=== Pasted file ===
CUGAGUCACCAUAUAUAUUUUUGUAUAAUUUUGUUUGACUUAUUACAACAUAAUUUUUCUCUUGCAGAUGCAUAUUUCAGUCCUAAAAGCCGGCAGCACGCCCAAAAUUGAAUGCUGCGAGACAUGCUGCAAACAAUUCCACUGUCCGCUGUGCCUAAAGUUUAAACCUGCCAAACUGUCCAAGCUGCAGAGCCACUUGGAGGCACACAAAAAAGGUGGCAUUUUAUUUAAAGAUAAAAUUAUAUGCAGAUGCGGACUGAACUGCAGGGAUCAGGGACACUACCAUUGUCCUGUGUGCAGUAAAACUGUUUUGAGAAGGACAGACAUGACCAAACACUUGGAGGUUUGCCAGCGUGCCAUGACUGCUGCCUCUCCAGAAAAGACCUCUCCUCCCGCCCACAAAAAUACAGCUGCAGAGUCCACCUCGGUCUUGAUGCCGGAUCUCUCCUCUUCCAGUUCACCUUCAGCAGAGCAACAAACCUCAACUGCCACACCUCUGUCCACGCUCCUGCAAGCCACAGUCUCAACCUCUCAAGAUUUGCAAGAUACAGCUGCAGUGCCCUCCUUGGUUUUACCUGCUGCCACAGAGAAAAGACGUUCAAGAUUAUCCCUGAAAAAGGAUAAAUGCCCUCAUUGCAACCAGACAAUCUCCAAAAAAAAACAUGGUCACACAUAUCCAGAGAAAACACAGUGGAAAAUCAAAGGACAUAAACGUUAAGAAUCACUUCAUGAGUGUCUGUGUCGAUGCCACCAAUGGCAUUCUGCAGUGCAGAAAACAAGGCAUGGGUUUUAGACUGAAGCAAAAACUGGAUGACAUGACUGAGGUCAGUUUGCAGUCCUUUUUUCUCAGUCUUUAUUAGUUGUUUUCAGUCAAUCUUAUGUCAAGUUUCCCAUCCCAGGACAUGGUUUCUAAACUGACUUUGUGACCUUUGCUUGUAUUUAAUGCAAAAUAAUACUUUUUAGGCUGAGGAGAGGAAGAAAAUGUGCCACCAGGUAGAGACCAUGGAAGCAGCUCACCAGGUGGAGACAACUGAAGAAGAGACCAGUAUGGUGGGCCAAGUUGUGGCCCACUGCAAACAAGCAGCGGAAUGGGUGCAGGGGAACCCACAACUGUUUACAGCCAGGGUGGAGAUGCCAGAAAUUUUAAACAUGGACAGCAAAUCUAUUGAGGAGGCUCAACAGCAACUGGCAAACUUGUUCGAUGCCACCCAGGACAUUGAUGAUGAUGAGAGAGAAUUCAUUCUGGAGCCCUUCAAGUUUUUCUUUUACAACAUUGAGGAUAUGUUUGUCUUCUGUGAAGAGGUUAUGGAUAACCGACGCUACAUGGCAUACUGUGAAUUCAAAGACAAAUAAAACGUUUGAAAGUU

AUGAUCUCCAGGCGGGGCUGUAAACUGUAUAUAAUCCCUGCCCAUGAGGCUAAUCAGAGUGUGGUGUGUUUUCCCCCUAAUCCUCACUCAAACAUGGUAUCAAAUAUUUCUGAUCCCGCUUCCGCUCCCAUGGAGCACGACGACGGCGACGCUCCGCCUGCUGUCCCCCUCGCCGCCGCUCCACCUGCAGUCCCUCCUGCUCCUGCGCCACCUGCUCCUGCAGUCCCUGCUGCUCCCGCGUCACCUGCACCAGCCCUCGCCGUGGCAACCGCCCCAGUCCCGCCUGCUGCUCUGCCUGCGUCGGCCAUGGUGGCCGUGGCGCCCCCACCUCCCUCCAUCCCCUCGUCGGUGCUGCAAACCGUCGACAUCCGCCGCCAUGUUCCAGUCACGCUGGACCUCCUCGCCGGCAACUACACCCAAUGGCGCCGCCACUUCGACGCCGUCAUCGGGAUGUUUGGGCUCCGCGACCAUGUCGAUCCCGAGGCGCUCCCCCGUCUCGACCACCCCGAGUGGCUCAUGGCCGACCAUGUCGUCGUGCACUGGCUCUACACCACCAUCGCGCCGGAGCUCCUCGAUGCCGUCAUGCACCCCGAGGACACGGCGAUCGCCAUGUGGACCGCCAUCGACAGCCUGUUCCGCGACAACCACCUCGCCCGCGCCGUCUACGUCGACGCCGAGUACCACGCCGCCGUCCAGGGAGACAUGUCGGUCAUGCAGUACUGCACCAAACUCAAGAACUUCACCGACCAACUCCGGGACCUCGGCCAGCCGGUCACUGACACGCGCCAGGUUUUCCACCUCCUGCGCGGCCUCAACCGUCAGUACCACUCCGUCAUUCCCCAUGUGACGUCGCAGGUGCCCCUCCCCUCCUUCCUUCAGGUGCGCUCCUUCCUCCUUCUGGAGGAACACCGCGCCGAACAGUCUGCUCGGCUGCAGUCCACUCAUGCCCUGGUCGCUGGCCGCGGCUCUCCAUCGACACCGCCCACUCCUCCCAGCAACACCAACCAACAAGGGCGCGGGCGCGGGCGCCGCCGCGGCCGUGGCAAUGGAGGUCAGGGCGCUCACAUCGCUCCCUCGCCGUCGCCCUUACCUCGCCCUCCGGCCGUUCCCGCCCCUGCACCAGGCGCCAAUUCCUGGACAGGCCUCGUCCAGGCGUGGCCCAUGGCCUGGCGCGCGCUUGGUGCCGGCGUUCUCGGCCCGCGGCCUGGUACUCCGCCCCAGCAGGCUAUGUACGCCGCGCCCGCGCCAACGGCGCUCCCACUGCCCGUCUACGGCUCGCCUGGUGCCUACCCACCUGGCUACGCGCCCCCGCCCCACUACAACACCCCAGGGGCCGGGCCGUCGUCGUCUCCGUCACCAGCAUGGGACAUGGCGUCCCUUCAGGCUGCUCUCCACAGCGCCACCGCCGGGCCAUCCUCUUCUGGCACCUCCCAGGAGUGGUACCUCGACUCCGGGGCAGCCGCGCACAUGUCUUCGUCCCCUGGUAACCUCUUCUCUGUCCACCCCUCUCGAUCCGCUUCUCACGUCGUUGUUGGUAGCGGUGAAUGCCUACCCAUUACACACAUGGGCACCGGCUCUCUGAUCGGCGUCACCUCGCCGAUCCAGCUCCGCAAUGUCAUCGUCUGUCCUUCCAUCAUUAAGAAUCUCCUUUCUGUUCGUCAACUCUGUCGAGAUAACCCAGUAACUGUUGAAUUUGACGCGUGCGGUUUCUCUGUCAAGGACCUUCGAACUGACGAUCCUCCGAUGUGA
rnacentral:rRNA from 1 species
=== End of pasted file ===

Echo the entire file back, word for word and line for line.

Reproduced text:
CUGAGUCACCAUAUAUAUUUUUGUAUAAUUUUGUUUGACUUAUUACAACAUAAUUUUUCUCUUGCAGAUGCAUAUUUCAGUCCUAAAAGCCGGCAGCACGCCCAAAAUUGAAUGCUGCGAGACAUGCUGCAAACAAUUCCACUGUCCGCUGUGCCUAAAGUUUAAACCUGCCAAACUGUCCAAGCUGCAGAGCCACUUGGAGGCACACAAAAAAGGUGGCAUUUUAUUUAAAGAUAAAAUUAUAUGCAGAUGCGGACUGAACUGCAGGGAUCAGGGACACUACCAUUGUCCUGUGUGCAGUAAAACUGUUUUGAGAAGGACAGACAUGACCAAACACUUGGAGGUUUGCCAGCGUGCCAUGACUGCUGCCUCUCCAGAAAAGACCUCUCCUCCCGCCCACAAAAAUACAGCUGCAGAGUCCACCUCGGUCUUGAUGCCGGAUCUCUCCUCUUCCAGUUCACCUUCAGCAGAGCAACAAACCUCAACUGCCACACCUCUGUCCACGCUCCUGCAAGCCACAGUCUCAACCUCUCAAGAUUUGCAAGAUACAGCUGCAGUGCCCUCCUUGGUUUUACCUGCUGCCACAGAGAAAAGACGUUCAAGAUUAUCCCUGAAAAAGGAUAAAUGCCCUCAUUGCAACCAGACAAUCUCCAAAAAAAAACAUGGUCACACAUAUCCAGAGAAAACACAGUGGAAAAUCAAAGGACAUAAACGUUAAGAAUCACUUCAUGAGUGUCUGUGUCGAUGCCACCAAUGGCAUUCUGCAGUGCAGAAAACAAGGCAUGGGUUUUAGACUGAAGCAAAAACUGGAUGACAUGACUGAGGUCAGUUUGCAGUCCUUUUUUCUCAGUCUUUAUUAGUUGUUUUCAGUCAAUCUUAUGUCAAGUUUCCCAUCCCAGGACAUGGUUUCUAAACUGACUUUGUGACCUUUGCUUGUAUUUAAUGCAAAAUAAUACUUUUUAGGCUGAGGAGAGGAAGAAAAUGUGCCACCAGGUAGAGACCAUGGAAGCAGCUCACCAGGUGGAGACAACUGAAGAAGAGACCAGUAUGGUGGGCCAAGUUGUGGCCCACUGCAAACAAGCAGCGGAAUGGGUGCAGGGGAACCCACAACUGUUUACAGCCAGGGUGGAGAUGCCAGAAAUUUUAAACAUGGACAGCAAAUCUAUUGAGGAGGCUCAACAGCAACUGGCAAACUUGUUCGAUGCCACCCAGGACAUUGAUGAUGAUGAGAGAGAAUUCAUUCUGGAGCCCUUCAAGUUUUUCUUUUACAACAUUGAGGAUAUGUUUGUCUUCUGUGAAGAGGUUAUGGAUAACCGACGCUACAUGGCAUACUGUGAAUUCAAAGACAAAUAAAACGUUUGAAAGUU

AUGAUCUCCAGGCGGGGCUGUAAACUGUAUAUAAUCCCUGCCCAUGAGGCUAAUCAGAGUGUGGUGUGUUUUCCCCCUAAUCCUCACUCAAACAUGGUAUCAAAUAUUUCUGAUCCCGCUUCCGCUCCCAUGGAGCACGACGACGGCGACGCUCCGCCUGCUGUCCCCCUCGCCGCCGCUCCACCUGCAGUCCCUCCUGCUCCUGCGCCACCUGCUCCUGCAGUCCCUGCUGCUCCCGCGUCACCUGCACCAGCCCUCGCCGUGGCAACCGCCCCAGUCCCGCCUGCUGCUCUGCCUGCGUCGGCCAUGGUGGCCGUGGCGCCCCCACCUCCCUCCAUCCCCUCGUCGGUGCUGCAAACCGUCGACAUCCGCCGCCAUGUUCCAGUCACGCUGGACCUCCUCGCCGGCAACUACACCCAAUGGCGCCGCCACUUCGACGCCGUCAUCGGGAUGUUUGGGCUCCGCGACCAUGUCGAUCCCGAGGCGCUCCCCCGUCUCGACCACCCCGAGUGGCUCAUGGCCGACCAUGUCGUCGUGCACUGGCUCUACACCACCAUCGCGCCGGAGCUCCUCGAUGCCGUCAUGCACCCCGAGGACACGGCGAUCGCCAUGUGGACCGCCAUCGACAGCCUGUUCCGCGACAACCACCUCGCCCGCGCCGUCUACGUCGACGCCGAGUACCACGCCGCCGUCCAGGGAGACAUGUCGGUCAUGCAGUACUGCACCAAACUCAAGAACUUCACCGACCAACUCCGGGACCUCGGCCAGCCGGUCACUGACACGCGCCAGGUUUUCCACCUCCUGCGCGGCCUCAACCGUCAGUACCACUCCGUCAUUCCCCAUGUGACGUCGCAGGUGCCCCUCCCCUCCUUCCUUCAGGUGCGCUCCUUCCUCCUUCUGGAGGAACACCGCGCCGAACAGUCUGCUCGGCUGCAGUCCACUCAUGCCCUGGUCGCUGGCCGCGGCUCUCCAUCGACACCGCCCACUCCUCCCAGCAACACCAACCAACAAGGGCGCGGGCGCGGGCGCCGCCGCGGCCGUGGCAAUGGAGGUCAGGGCGCUCACAUCGCUCCCUCGCCGUCGCCCUUACCUCGCCCUCCGGCCGUUCCCGCCCCUGCACCAGGCGCCAAUUCCUGGACAGGCCUCGUCCAGGCGUGGCCCAUGGCCUGGCGCGCGCUUGGUGCCGGCGUUCUCGGCCCGCGGCCUGGUACUCCGCCCCAGCAGGCUAUGUACGCCGCGCCCGCGCCAACGGCGCUCCCACUGCCCGUCUACGGCUCGCCUGGUGCCUACCCACCUGGCUACGCGCCCCCGCCCCACUACAACACCCCAGGGGCCGGGCCGUCGUCGUCUCCGUCACCAGCAUGGGACAUGGCGUCCCUUCAGGCUGCUCUCCACAGCGCCACCGCCGGGCCAUCCUCUUCUGGCACCUCCCAGGAGUGGUACCUCGACUCCGGGGCAGCCGCGCACAUGUCUUCGUCCCCUGGUAACCUCUUCUCUGUCCACCCCUCUCGAUCCGCUUCUCACGUCGUUGUUGGUAGCGGUGAAUGCCUACCCAUUACACACAUGGGCACCGGCUCUCUGAUCGGCGUCACCUCGCCGAUCCAGCUCCGCAAUGUCAUCGUCUGUCCUUCCAUCAUUAAGAAUCUCCUUUCUGUUCGUCAACUCUGUCGAGAUAACCCAGUAACUGUUGAAUUUGACGCGUGCGGUUUCUCUGUCAAGGACCUUCGAACUGACGAUCCUCCGAUGUGA
rnacentral:rRNA from 1 species